Although all the dynasties used legalism in varying forms, one can see a distinct change most noticeably after the Han Dynasty.  This change, beginning in the Sui, was not in the doctrine of legalism, but rather the practice of it.  For example, rulers became less critical of other ideas and philosophies.  This change seemed to begin with the Sui Dynasty in which many legalist practices were modified and reformed.  As such, it was much less radical then its Qin counterpart.  Although laws were still harsh, they were much less potent than in the Qin.  One example of this is that books were merely censored instead of burned.  Although, this shift does not seem very important on the surface, it had profound impact on the development on later dynasties in China as culture was supported more and more. Therefore, this paper will distinguish the two types by acknowledging one as classical legalism, used in the Qin and Han, and the legalism that dominated the Sui, Tang, and those dynasties that followed, as neo-legalism.  However, in the modern era we see another form of legalism begin to develop.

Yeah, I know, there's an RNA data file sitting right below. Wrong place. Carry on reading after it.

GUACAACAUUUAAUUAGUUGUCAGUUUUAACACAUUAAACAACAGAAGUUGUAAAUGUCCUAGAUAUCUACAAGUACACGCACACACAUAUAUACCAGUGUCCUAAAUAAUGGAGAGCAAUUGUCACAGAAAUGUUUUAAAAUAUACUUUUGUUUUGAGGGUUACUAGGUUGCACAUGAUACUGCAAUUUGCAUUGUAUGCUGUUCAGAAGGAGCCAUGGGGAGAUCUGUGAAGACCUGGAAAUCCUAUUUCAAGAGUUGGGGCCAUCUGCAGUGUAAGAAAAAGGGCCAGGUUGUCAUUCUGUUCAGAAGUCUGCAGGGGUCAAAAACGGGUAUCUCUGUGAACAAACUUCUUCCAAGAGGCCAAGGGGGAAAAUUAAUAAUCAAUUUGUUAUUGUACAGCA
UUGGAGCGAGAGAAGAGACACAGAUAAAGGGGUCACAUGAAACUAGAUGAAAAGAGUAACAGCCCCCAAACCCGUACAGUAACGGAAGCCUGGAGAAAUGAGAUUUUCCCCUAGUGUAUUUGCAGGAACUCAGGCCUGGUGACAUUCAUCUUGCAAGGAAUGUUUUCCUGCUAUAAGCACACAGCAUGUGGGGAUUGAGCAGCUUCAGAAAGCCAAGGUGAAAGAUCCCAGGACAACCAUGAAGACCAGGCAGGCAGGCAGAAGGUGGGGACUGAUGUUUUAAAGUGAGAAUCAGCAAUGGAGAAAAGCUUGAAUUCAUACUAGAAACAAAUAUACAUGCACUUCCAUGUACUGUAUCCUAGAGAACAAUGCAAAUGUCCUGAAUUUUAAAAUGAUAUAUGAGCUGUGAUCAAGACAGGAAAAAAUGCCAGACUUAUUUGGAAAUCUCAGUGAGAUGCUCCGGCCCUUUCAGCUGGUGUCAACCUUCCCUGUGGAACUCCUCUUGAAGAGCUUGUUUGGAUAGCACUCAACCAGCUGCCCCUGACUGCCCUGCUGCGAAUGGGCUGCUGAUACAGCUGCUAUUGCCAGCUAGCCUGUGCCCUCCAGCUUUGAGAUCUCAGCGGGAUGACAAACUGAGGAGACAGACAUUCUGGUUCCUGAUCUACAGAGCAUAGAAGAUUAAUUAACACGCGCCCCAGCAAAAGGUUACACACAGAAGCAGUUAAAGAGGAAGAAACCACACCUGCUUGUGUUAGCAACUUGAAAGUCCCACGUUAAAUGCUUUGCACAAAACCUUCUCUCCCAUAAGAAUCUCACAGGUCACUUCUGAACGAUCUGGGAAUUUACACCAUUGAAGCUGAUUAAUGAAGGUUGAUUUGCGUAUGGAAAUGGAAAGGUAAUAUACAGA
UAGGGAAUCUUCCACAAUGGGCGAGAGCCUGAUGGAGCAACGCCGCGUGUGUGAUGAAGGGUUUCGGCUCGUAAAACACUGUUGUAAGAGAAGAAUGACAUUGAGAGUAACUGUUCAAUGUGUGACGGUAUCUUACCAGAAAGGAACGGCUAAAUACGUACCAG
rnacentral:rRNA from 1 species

China’s Legalist Order: From the Qin to the PRC (4): *Legalism in the Modern Era

China’s Legalist Order: From the Qin to the PRC (5): Legalism and China’s Future

[1] Shang p.126

[2] Twitchett  Qin and Han p. 104

[3] Ditto p. 107

[4] Ditto p.770

[5] Ditto p. 103.

[6] Wright, Arthur.  The Sui Dynasty: The Unification of China, A.D. 581-617. New York: Alfred A. Knopf, Inc., 1978.  Page 8.

[7] Wright p.103.

[8] Ditto p.105.

[9] Ditto p. 124.

[10] Ditto p. 119.

[11] Ditto p. 117.

[12] Ditto p. 116.

[13] Twitchett Sui and Tang p. 138.

[14] Wright p. 202.

[15] Ditto p. 199.

[16] Ditto p. 90.

[17] Wright p. 176.

[18] Ditto p. 174.

[19] Ditto p. 179.

[20] Bary, Theodore. Neo-Confucian Orthodoxy and the learning of the Mind-and-Heart. New York: Columbia University Press, 1981.  Page 27.


[21] Peterson p. 499.